Unfreedom of the Press

      Unfreedom of the Press

      This week, thirty media and tech companies announced they’re partnering behind a new national campaign “Protect Press Freedom.” But conservative commentator and author Mark Levin argues the modern mass media does not favor of a free press. His new book is called: Unfreedom of the Press.

      Sharyl: You wrote “the American free press has degenerated into a standardless profession, not through government oppression or suppression, but through self-censorship, group think, bias, omission and propaganda.”

      Mark Levin: There's a new doctrine that's being pushed in journalism school, has been for about 30 years, which is to push what's called public journalism or community journalism, which is social activism. And so now you have a lot of reporters, Jim Acosta is a perfect example, who create the drama, then report on their own drama That becomes news for five days. President calls that “fake news.” He's right. There was a professor Boston who used to head the library congress, but he was a historian at the University of Chicago. Wrote a whole book on it, pseudo events. Our news is filled with phony events and filled with propaganda.

      Sharyl: Your book has a lot of history in it and one small portion talks about Thomas Paine's Common Sense in 1776. He wrote advocating for American independence and you talk about the so-called pamphleteers of that time.

      Mark Levin: The pamphleteers were the great heroes, the first printing presses. These were the men that pushed the American Revolution and the ideas we read in the Declaration of Independence. They wanted to fundamentally transform government. Throw off the monarchy and create a representative government. The media today want to do the opposite. They want to fundamentally transform the civil society in defense of an all powerful centralized government.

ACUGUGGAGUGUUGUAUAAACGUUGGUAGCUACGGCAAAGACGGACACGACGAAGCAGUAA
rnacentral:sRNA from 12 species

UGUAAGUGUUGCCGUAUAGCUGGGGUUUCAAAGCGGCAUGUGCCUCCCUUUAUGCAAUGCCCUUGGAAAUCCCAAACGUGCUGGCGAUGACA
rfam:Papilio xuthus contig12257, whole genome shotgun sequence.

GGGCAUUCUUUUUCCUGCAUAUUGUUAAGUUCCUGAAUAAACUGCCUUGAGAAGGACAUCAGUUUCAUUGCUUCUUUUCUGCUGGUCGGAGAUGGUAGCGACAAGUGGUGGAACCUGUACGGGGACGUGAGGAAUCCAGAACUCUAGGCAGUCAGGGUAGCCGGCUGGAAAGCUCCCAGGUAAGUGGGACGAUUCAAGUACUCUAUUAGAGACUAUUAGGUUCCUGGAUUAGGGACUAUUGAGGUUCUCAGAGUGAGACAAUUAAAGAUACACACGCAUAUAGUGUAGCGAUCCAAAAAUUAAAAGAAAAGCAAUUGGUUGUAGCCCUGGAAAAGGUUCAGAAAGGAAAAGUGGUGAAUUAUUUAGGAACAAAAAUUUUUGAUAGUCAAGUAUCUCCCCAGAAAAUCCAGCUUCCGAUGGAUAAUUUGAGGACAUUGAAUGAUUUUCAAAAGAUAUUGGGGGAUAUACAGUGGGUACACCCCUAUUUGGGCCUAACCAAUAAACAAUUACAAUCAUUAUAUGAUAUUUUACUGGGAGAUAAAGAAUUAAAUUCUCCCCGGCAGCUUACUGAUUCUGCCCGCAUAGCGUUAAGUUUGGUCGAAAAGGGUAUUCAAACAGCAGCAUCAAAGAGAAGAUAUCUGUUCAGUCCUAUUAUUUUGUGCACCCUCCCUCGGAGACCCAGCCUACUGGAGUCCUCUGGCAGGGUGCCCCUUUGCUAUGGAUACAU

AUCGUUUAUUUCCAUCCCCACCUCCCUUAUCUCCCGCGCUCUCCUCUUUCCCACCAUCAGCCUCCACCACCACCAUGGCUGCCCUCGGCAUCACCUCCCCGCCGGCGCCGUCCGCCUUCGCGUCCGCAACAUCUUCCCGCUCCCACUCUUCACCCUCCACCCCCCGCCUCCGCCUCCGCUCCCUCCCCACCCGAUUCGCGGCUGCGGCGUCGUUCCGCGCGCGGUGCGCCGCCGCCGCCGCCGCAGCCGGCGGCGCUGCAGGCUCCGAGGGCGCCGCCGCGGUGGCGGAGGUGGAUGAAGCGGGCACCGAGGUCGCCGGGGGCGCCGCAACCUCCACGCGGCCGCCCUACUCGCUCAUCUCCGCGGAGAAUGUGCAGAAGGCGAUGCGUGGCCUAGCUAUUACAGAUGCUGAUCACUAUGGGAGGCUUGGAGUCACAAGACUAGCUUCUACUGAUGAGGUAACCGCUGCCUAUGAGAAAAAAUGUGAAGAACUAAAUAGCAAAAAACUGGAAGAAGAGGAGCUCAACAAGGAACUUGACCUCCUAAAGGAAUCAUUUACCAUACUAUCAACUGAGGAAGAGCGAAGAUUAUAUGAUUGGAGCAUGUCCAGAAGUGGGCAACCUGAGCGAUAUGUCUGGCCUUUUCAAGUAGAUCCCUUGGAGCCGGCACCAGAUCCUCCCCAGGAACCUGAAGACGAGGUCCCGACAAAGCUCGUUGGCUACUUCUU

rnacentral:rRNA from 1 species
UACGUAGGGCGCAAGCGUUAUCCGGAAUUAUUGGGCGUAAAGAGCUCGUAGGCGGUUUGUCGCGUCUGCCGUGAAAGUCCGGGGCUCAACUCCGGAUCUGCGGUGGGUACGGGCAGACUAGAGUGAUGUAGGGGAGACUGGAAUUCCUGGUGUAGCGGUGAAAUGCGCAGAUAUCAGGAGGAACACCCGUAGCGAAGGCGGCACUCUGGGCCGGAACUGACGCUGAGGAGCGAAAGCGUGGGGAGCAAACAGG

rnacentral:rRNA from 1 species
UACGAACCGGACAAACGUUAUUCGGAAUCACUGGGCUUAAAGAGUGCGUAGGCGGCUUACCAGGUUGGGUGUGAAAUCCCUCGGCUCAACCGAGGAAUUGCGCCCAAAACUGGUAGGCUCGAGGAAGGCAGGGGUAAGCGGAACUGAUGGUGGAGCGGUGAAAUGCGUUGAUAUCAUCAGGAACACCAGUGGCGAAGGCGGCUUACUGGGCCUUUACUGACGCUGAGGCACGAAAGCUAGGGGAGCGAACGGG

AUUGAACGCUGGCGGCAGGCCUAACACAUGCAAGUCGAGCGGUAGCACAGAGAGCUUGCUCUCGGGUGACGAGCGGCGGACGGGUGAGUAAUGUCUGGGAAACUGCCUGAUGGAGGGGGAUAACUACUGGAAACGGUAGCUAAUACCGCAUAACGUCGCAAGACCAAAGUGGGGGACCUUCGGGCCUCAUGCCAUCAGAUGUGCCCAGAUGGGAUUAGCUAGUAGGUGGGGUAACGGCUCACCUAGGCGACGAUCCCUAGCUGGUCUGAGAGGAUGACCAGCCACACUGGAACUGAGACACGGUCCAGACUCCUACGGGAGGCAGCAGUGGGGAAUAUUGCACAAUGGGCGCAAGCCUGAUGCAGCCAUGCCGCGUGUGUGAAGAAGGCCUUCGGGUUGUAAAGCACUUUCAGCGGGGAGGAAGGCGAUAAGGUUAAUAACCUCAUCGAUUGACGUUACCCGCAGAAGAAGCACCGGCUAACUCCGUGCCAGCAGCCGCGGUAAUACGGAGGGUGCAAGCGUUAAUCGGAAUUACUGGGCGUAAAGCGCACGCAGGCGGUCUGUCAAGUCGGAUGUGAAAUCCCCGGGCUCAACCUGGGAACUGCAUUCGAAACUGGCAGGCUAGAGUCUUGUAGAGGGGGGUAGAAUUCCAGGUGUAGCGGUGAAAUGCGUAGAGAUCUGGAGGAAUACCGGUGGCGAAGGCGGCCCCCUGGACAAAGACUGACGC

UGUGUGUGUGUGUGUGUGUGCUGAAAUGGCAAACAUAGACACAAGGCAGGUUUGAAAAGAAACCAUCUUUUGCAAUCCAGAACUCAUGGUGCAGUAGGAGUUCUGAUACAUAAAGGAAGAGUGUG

Sharyl: But weren't the pamphleteers and the patriotic press themselves biased?

      Mark Levin: Absolutely. They were biased for liberty and they were biased for property rights and they were bias for limited government and they admitted it. They didn't believe in objective news. Even though they had some news, they supported a cause. They didn't view themselves as seeking what's the news of the day, the information of the day. They were revolting against a tyranny. The press today poses as seeking objective truth when it's not.

      Sharyl: Would you find that less objectionable if the press today, the ones that you believe are biased, actually said what they were for and reported as they do rather than maintaining a sense of supposed neutrality?

      Mark Levin: Well, we had a press like that called “the party press” and it followed the administration, they're tailing the administration of George Washington's second term where the newspapers were lining up between behind Jefferson and his party and Hamilton and Adams and their party and they were transparent about it, okay? At least they were more honest about it. Although we're getting to a point now where some media outlets are so brazen about their ideology, they’re being very honest about who they are